Defendant Greenwood, in his individual capacity, next seeks dismissal of Count I because, he contends, only the Board is empowered to demote Plaintiffs and make employment decisions (Doc. 13, ¶ 3). Greenwood further argues that, under Illinois law, the Board President is merely empowered to preside at Board meetings and perform such actions imposed by law or Board action (105 ILCS 5/10-13) (Doc. 14, p. 4). Nevertheless, courts have held that a supervisor may be subject to individual liability under section 1983 if he directly participates in a constitutional violation. Levy v. Pappas, 510 F.3d 755, 763 (7th Cir. 2007); see also Hafer v. Melo, 502 U.S. 21, 26 (1991). To satisfy the requirement of personal involvement, Plaintiffs must allege that Greenwood either directed the alleged constitutional deprivation or it occurred with his "knowledge and consent." Gossmeyer v. McDonald, 128 F.3d 481, 494 (7th Cir. 1997), quoting Black v. Lane, 22 F.3d 1395, 1401 (7th Cir. 1994).

Here, Plaintiffs allege that Greenwood, as President of the Board of Education, "engaged in explicit discussions with the Board about plaintiffs' alleged political disloyalty" (Doc. 16, p.4). Further, Plaintiffs allege that Greenwood was a party to an ad hoc meeting where Tarvin was offered his old job and salary back if he agreed to run for office in another political precinct (Doc. 16, p. 3). "Misuse of power, possessed by virtue of a state law and made possible only because the wrongdoer is clothed with the authority of state law, is action taken 'under color of' state law." United States v. Classic, 313 U.S. 299, 326 (1941), quoting 42 U.S.C. § 1983. Plaintiffs have therefore pled sufficient facts to allow the Court to draw the reasonable inference that Defendant Greenwood acted under color of law when he either directed or knowingly consented to the alleged retaliatory conduct that deprived Plaintiffs of their constitutional rights (Doc. 4, ¶¶ 38, 39 and 43).

The Board moves for dismissal because Plaintiffs fail to allege sufficient facts to establish liability for the Board under Monell v. City of New York, 436 U.S. 658 (1978) (Doc. 14, pp. 4-5).

"[The Board] may be liable for a section 1983 violation if, among other things: (1) it has a permanent and well-settled municipal custom or practice that, although not authorized by official law or policy, was the moving force behind the plaintiff's constitutional injury; or (2) an individual [or an entity] with final policy-making authority for the municipality (on the subject in question) caused the constitutional deprivation."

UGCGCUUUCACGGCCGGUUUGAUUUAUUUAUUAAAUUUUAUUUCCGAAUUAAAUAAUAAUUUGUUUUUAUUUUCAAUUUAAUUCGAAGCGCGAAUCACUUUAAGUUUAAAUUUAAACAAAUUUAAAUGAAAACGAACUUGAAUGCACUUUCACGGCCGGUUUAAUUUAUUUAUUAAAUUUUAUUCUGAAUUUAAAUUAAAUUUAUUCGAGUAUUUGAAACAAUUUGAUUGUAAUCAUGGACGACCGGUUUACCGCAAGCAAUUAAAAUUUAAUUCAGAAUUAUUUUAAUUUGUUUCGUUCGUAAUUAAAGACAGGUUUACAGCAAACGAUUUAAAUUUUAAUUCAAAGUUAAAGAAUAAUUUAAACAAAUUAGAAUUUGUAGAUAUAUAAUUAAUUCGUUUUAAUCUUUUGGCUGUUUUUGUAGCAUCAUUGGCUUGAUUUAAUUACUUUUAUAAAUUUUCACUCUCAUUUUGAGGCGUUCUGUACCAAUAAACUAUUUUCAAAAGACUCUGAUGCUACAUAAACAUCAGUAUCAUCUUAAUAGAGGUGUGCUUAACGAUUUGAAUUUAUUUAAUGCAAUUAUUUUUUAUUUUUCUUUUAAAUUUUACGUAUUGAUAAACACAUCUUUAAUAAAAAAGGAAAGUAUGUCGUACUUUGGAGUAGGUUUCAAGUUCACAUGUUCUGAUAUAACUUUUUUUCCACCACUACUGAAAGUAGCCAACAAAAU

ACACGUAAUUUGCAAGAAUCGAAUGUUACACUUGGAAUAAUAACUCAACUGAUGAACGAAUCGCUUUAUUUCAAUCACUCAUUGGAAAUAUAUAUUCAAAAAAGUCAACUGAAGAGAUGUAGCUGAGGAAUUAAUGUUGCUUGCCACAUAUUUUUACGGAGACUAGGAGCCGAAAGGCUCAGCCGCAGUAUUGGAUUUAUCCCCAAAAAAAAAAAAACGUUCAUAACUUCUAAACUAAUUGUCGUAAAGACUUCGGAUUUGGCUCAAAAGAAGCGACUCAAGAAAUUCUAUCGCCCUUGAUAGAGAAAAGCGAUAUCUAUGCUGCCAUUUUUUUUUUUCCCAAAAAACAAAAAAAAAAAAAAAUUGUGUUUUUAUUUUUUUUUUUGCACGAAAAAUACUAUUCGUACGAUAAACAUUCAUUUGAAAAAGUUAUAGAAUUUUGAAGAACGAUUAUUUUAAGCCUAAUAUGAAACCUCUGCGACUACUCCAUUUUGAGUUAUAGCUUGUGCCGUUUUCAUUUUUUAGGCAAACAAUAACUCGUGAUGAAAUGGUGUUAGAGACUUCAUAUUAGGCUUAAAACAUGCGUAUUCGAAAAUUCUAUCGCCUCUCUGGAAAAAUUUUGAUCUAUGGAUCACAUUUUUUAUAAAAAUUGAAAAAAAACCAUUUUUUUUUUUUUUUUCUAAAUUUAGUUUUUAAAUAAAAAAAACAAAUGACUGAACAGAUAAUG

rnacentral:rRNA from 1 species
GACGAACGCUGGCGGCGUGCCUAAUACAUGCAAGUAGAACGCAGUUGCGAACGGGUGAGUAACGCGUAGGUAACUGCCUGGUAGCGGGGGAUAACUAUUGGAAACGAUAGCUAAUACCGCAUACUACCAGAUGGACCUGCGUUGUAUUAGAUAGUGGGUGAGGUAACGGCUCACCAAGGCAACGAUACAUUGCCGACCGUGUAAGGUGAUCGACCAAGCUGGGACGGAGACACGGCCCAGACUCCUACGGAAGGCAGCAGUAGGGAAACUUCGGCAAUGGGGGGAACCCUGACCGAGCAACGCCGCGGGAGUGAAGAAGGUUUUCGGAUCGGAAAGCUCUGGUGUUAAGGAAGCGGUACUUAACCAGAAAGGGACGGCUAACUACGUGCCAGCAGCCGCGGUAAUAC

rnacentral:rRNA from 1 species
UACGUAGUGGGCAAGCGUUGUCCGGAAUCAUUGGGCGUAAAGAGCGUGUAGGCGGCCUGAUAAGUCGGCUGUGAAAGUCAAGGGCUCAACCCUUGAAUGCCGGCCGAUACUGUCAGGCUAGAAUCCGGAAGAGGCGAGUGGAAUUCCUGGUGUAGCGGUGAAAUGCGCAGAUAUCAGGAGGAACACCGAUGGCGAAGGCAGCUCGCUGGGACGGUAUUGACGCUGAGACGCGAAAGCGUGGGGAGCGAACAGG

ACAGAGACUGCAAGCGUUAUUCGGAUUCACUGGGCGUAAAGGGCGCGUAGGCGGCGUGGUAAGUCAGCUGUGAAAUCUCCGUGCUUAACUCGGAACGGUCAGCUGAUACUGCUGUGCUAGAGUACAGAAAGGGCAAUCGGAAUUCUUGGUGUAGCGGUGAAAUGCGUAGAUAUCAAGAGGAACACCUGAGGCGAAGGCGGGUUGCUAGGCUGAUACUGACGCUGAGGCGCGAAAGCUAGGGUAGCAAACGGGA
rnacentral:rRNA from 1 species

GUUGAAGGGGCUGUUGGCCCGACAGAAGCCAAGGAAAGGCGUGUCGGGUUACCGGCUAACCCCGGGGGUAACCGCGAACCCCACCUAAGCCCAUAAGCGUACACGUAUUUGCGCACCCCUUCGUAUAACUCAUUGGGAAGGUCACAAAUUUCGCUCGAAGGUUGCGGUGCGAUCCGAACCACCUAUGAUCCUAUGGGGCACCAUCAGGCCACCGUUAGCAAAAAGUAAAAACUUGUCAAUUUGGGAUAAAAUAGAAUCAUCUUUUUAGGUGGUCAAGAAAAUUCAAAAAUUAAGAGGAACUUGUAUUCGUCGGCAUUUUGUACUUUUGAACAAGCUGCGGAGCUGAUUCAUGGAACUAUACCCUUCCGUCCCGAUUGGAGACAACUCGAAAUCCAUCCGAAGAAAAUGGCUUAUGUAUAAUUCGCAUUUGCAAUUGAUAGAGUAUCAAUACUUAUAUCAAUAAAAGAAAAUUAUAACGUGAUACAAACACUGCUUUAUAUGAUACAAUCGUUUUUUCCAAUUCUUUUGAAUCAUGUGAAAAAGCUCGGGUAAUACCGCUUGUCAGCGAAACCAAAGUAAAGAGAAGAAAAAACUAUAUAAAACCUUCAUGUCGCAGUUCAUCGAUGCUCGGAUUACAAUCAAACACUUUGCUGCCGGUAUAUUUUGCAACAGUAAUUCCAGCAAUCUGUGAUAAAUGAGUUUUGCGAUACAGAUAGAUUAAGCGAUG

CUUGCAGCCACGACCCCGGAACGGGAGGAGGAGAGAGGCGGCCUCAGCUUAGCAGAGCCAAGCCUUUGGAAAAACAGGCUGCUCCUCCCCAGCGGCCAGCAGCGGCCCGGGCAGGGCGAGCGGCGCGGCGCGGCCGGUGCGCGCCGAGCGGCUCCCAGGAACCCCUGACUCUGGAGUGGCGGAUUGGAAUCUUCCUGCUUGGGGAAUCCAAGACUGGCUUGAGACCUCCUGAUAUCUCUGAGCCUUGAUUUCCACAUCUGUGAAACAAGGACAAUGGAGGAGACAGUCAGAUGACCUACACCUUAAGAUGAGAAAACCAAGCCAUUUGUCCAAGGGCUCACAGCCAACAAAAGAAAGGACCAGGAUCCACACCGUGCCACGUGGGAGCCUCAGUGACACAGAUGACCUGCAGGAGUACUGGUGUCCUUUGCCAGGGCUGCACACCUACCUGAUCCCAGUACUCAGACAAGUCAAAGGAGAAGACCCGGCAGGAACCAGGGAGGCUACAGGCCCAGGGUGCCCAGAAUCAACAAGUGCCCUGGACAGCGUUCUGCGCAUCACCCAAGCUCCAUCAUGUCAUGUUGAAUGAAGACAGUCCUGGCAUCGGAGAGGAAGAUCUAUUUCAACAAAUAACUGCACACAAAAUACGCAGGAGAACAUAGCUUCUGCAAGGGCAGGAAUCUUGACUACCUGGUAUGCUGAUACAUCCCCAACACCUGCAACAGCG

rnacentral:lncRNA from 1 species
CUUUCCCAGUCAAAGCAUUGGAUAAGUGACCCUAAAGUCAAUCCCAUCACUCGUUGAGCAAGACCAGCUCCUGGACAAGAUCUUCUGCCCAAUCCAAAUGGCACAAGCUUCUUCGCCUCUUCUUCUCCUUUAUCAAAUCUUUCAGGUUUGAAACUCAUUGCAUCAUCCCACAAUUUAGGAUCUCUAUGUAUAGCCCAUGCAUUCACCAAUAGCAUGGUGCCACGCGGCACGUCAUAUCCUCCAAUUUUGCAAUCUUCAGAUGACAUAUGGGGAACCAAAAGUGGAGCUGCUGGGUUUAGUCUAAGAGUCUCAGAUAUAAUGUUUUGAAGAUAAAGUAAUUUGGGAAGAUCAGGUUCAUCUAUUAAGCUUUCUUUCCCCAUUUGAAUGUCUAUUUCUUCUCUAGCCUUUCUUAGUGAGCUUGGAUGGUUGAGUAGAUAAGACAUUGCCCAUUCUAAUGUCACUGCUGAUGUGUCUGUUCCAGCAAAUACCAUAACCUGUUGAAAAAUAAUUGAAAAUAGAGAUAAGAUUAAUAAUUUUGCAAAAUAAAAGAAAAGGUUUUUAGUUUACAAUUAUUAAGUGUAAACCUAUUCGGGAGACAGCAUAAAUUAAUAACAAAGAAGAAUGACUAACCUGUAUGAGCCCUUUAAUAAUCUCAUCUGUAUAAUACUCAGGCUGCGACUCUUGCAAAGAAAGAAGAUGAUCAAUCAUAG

Valentino v. Vil. of S. Chicago Heights, 575 F.3d 664, 674 (7th Cir. 2009); see also Darchak v. City of Chicago Bd. Of Educ., 580 F.3d 622, 629 (7th Cir. 2009). Further, a single incident of unconstitutional activity may be sufficient to establish liability if the activity can be attributed to a municipal policymaker and his actions were taken in accordance with municipal policy. See Oklahoma City v. Tuttle, 471 U.S. 808, 823-24 (1985). "It is well-established that when a particular course of action is directed by those who set municipal policy, the municipality is responsible under section 1983, even if the action in question is undertaken only once." Valentino v. Vil. of S. Chicago Heights, 575 F.3d 664, 675 (7th Cir. Ill. 2009), citing Pembaur v. City of Cincinnati, 475 U.S. 469, 480-81 (1986).

In 42 U.S.C. § 1983 cases, the United States Supreme Court has outlined when a single decision or course of action may be enough to establish an unconstitutional municipal policy:

First, . . . municipalities may be held liable under § 1983 only for acts for which the municipality itself is actually responsible, that is, acts which the municipality has officially sanctioned or ordered. Second, only those municipal officials who have final policymaking authority may by their actions subject the government to § 1983 liability. Third, whether a particular official has "final policymaking authority" is a question of state law. Fourth, the challenged action must have been taken pursuant to a policy adopted by the official or officials responsible under state law for making policy in that area of the city's business.

St. Louis v. Praprotnik, 485 U.S. 112, 123 (1988) (citations omitted)(emphasis in original).